I am currently working on a standard Windows desktop application (standard meaning no fancy stuff: just buttons, text, sliders, etc.), and have decided to write a GUI framework on my own, after looking into some GUI frameworks and being repelled by all of them. Since it’s a hobby project, I am also willing to experiment, and decided to make the GUI immediate-mode, not retained-mode, as I really like the way it simplifies the code. Here is the question, though:
What are the performance implications of using an immediate-mode GUI compared to a retained-mode GUI, when using it for a typical desktop application?
I always hear that an IMGUI performs worse, since it has to redraw every frame (or, if it somehow caches, it still has to do the logic every frame). But of how much more are we talking here? Am I burning twice the CPU time? More? If I hypothetically ran 20 IMGUI programs, would it max out the CPU (presuming I already optimized it)? I just want to know the ballpark and whether the tradeoffs are still viable in a non-game environment, where there is no need to redraw every frame.
One aspect of IMGUI to be aware of in the context of real-time
applications (constantly rendering new frames many times per second)
is that user interactions will always be in response to something that
was drawn on a previous frame. This is because the user interface must
be drawn at least once for the user to be aware that there are widgets
there to be interacted with. Most of the time this doesn’t cause any
problems if the frame rate is high enough, but it is something to be
How is this any different in a retained-mode GUI? Does it mean that I have one more frame of input lag over a retained-mode GUI?
Since there seems to be some interest in this question still (judging by the views), I thought I might as well post an update.
I ended up implementing an immediate-mode GUI as my master’s thesis, and have some numbers in on the performance. The gist is:
It’s fine – quality of implementation dominates, not systematic characteristics.
Compared to many other existing retained mode GUIs, my immediate mode implementation generally performs a lot faster. The theoretical performance differences between the paradigms are eclipsed by the fact that most GUIs are horribly unoptimized. Overall, imgui is a completely viable approach to creating a GUI that responds fast and does not drain the battery.
I created a Spotify clone with about 50% of the UI elements, and rendering a single frame was in the microsecond range. In fact, the application consistently used less than 400 μs for a single frame. With V-Sync enabled on a 60 Hz monitor, this equates to roughly 3% CPU load on a single core (400 μs per 16 ms) for a naive implementation. Furthermore, a decent chunk of these 400 μs were caused by constant factors that wouldn’t increase the load with more UI elements (e.g., receiving input or setting up GPU state that doesn’t scale with UI complexity).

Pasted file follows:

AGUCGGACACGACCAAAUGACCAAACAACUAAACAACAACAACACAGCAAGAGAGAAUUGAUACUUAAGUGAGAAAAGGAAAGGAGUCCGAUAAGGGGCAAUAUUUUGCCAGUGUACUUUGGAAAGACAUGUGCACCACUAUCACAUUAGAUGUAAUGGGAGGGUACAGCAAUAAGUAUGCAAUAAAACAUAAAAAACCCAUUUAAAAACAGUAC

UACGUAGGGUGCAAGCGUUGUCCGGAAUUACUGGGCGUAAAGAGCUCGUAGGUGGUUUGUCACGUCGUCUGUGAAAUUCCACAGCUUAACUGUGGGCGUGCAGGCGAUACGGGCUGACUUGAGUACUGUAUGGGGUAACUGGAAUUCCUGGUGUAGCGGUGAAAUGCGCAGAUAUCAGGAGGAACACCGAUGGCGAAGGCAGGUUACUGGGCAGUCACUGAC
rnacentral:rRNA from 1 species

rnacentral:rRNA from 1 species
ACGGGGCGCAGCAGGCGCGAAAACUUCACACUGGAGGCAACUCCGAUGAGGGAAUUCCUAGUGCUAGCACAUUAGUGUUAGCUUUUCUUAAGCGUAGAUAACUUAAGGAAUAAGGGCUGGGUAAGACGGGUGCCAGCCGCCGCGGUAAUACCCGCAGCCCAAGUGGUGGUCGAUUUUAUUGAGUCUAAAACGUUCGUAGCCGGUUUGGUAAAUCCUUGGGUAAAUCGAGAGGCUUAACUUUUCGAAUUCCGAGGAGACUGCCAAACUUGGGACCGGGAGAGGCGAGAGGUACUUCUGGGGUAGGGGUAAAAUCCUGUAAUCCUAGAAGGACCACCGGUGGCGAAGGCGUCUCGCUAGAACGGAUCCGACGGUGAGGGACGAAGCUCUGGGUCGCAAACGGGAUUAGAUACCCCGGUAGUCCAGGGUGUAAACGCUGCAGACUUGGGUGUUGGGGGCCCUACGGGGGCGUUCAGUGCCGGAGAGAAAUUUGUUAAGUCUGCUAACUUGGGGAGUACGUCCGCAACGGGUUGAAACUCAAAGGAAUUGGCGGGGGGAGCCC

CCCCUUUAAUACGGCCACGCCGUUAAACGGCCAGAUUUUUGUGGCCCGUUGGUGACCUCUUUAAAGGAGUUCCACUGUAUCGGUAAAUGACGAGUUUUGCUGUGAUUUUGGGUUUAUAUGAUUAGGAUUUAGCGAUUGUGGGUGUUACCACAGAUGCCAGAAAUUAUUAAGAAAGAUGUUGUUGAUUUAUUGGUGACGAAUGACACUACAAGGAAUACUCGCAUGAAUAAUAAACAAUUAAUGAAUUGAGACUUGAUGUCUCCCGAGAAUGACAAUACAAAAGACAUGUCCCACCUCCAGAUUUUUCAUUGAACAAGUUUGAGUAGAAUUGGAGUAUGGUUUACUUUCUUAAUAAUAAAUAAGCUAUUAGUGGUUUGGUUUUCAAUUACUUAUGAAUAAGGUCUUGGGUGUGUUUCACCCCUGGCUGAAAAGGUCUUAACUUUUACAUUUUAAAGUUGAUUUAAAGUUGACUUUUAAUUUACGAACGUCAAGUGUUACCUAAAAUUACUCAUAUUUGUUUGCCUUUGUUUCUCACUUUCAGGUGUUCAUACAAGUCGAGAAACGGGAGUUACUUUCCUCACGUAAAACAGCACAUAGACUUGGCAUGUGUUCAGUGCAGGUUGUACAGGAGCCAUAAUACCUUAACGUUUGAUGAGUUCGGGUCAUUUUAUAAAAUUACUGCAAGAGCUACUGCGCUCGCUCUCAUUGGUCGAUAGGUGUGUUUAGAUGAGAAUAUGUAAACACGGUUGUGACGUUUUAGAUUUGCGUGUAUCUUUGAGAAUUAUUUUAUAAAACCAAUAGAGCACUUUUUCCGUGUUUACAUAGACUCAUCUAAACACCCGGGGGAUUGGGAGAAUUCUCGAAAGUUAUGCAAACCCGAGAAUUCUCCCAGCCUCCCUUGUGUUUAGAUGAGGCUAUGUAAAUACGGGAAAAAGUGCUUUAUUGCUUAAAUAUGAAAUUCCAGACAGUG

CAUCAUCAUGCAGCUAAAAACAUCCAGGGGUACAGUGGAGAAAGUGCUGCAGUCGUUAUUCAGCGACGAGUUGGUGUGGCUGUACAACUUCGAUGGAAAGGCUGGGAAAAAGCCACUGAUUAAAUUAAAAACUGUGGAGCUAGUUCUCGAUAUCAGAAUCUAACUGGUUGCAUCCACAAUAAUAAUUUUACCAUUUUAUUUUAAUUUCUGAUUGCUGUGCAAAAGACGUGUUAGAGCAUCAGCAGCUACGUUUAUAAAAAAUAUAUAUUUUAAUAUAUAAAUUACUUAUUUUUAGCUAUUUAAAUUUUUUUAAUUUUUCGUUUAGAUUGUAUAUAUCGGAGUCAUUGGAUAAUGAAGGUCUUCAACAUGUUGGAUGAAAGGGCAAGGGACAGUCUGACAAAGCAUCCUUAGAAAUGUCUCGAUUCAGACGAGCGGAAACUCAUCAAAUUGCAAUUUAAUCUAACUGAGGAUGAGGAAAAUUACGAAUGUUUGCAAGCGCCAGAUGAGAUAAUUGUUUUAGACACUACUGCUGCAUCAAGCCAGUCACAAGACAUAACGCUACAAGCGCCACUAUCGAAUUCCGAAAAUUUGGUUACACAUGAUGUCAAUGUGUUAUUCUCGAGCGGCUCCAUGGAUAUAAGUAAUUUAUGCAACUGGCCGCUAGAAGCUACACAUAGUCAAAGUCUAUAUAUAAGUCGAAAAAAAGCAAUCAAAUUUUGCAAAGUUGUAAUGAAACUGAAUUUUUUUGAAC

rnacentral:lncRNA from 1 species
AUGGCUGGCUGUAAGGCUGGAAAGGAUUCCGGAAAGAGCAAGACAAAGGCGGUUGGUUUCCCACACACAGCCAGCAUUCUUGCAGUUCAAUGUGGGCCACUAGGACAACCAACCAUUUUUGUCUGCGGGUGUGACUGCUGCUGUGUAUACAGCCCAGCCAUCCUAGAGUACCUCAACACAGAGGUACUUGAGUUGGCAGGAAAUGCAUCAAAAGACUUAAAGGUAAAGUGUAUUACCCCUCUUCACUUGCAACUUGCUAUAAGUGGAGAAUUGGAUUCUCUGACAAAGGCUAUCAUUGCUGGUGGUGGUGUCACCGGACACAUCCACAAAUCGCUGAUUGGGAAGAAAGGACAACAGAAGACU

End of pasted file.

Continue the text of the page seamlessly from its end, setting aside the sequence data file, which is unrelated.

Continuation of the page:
The perfectionist in me still disliked the fact that a GUI that did nothing was consuming cycles, but the upsides were tremendous: When the GUI was being heavily interacted with, or when the window was being resized, it was still hitting 400 μs! This blows many existing retained-mode GUIs out of the water. Try resizing Spotify, Windows Explorer, Visual Studio, or basically any other desktop application, and see how it reacts, to understand what I mean. My guess would be that Spotify goes down to about 2 fps on my PC when resizing.
And changing the UI is basically free. If you display a hundred buttons in one frame, and then replace them all with textboxes in the next, there is still no difference to the performance. Retained-mode GUIs tend to struggle in such scenarios.
Three more thoughts:
Most of the time is spent on text rendering, the rest is close to irrelevant. If you want to heavily optimize, this is going to be the thing to focus on. But even with little optimization, it can be made decent.
I doubt that the vast difference in performance can be explained only—or even at all—by the difference between the retained and immediate modes. For example, Spotify uses a Web stack for UI; that’s bound to be slow.
I guess, WPF, Win32, and the likes are just slow because they can get away with it, or because they were optimized for completely different hardware than the one we use nowadays. They also do more, of course, but not remotely enough to justify the difference.
I’m sure you could make a retained-mode GUI that is a lot faster than my immediate-mode GUI. There is just little incentive for it in general, which is a little sad, to be honest; I like efficient things.
Since a couple of people asked, I’ve decided to release my thesis.
Please be aware that you will be looking at something that was not meant for public release and doesn’t pass my personal lowest quality expectations for a publicly released piece of software (which is why I hadn’t released it in the first place). So please only use it for educational purposes and not for building actual software with it. I won’t be supporting it, either.
The download includes the thesis itself (in German!), some pre-built executables for Windows, and the source code (in C++):
Answered By – pulp_user
Answer Checked By – Mary Flores (BugsFixing Volunteer)